Here’s hoping you guys are more Pet Shop Boys than you are Beatles.
Yeah. [laughs] I don’t think relationships have to end badly. It’s just like any other kind of partnership. A key part of it is basically having some respect for the other people involved, because if you can retain that feeling of respect for each other, it’s much easier to make compromises and make mutual decisions about things, because you feel like you’re on solid ground. That’s what you really have to work on doing. I’m sure at some point it won’t be necessarily a good working relationship anymore, and it won’t exist. But you can’t predict that until the music stops happening, and we haven’t come to that point yet.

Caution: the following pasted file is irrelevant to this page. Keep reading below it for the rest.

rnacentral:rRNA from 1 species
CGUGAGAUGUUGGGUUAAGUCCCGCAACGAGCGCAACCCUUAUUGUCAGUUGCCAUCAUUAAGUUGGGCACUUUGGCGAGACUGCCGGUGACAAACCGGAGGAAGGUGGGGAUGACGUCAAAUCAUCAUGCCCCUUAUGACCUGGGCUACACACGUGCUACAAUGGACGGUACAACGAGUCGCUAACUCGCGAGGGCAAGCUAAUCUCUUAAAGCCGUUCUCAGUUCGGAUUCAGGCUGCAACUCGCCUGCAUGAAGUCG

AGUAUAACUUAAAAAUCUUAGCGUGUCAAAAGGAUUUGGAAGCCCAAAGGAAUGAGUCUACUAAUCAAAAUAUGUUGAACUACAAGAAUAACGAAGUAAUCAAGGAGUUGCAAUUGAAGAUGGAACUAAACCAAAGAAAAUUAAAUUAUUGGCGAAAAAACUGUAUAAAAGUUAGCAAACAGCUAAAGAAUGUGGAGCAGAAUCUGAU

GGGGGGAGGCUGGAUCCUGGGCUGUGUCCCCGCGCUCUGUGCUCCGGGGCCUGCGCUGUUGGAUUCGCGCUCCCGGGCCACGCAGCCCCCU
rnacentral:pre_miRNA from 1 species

I know it’s a bit tongue-in-cheek to name a super danceable song “Don’t Dance”, but wouldn’t it suck if you played a dance song and nobody danced?
[laughs] Yeah, I guess it would. There was a weird kind of dance phenomenon in Europe a couple of years ago; I don’t know if it’s reached America or not. It was a weird dance where everyone would sit down and just stop moving for a bit and then stand up and suddenly be excited again. I guess you get these weird kind of phenomena, and maybe “Don’t Dance” was an attempt… I don’t know what it was really. It was partly this frustration with the kind of clichéd language of dance music. You know, like, “put your hands in the air, da da da da,” and all this kind of stuff that you get repeated over and over again. It was very tongue-in-cheek, but yeah, we have played some gigs in the past where people haven’t really danced. We’ve been on the receiving end of it, but not so much anymore, hopefully.